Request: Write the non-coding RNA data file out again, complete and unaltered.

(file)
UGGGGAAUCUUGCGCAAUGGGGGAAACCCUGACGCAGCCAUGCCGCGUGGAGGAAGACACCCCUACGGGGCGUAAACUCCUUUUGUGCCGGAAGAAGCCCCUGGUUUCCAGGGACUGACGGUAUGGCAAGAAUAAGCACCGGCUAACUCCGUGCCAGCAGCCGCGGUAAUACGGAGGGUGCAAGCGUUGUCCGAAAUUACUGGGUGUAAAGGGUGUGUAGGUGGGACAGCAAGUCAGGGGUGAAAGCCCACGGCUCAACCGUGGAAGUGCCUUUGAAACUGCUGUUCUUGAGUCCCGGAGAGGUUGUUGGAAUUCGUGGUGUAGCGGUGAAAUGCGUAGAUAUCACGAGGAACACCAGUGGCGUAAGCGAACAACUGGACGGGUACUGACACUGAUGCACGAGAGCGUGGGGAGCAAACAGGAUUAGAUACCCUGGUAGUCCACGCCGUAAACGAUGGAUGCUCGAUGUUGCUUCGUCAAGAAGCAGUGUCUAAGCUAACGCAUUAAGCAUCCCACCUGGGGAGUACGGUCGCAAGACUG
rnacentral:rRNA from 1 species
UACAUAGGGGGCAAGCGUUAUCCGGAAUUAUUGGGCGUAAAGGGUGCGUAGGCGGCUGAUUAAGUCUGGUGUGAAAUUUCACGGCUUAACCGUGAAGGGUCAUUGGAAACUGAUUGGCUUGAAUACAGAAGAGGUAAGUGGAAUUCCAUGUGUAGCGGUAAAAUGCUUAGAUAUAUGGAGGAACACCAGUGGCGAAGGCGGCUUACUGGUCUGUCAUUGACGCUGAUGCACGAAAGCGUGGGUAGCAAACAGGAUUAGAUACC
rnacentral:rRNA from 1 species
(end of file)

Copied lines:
UGGGGAAUCUUGCGCAAUGGGGGAAACCCUGACGCAGCCAUGCCGCGUGGAGGAAGACACCCCUACGGGGCGUAAACUCCUUUUGUGCCGGAAGAAGCCCCUGGUUUCCAGGGACUGACGGUAUGGCAAGAAUAAGCACCGGCUAACUCCGUGCCAGCAGCCGCGGUAAUACGGAGGGUGCAAGCGUUGUCCGAAAUUACUGGGUGUAAAGGGUGUGUAGGUGGGACAGCAAGUCAGGGGUGAAAGCCCACGGCUCAACCGUGGAAGUGCCUUUGAAACUGCUGUUCUUGAGUCCCGGAGAGGUUGUUGGAAUUCGUGGUGUAGCGGUGAAAUGCGUAGAUAUCACGAGGAACACCAGUGGCGUAAGCGAACAACUGGACGGGUACUGACACUGAUGCACGAGAGCGUGGGGAGCAAACAGGAUUAGAUACCCUGGUAGUCCACGCCGUAAACGAUGGAUGCUCGAUGUUGCUUCGUCAAGAAGCAGUGUCUAAGCUAACGCAUUAAGCAUCCCACCUGGGGAGUACGGUCGCAAGACUG
rnacentral:rRNA from 1 species
UACAUAGGGGGCAAGCGUUAUCCGGAAUUAUUGGGCGUAAAGGGUGCGUAGGCGGCUGAUUAAGUCUGGUGUGAAAUUUCACGGCUUAACCGUGAAGGGUCAUUGGAAACUGAUUGGCUUGAAUACAGAAGAGGUAAGUGGAAUUCCAUGUGUAGCGGUAAAAUGCUUAGAUAUAUGGAGGAACACCAGUGGCGAAGGCGGCUUACUGGUCUGUCAUUGACGCUGAUGCACGAAAGCGUGGGUAGCAAACAGGAUUAGAUACC
rnacentral:rRNA from 1 species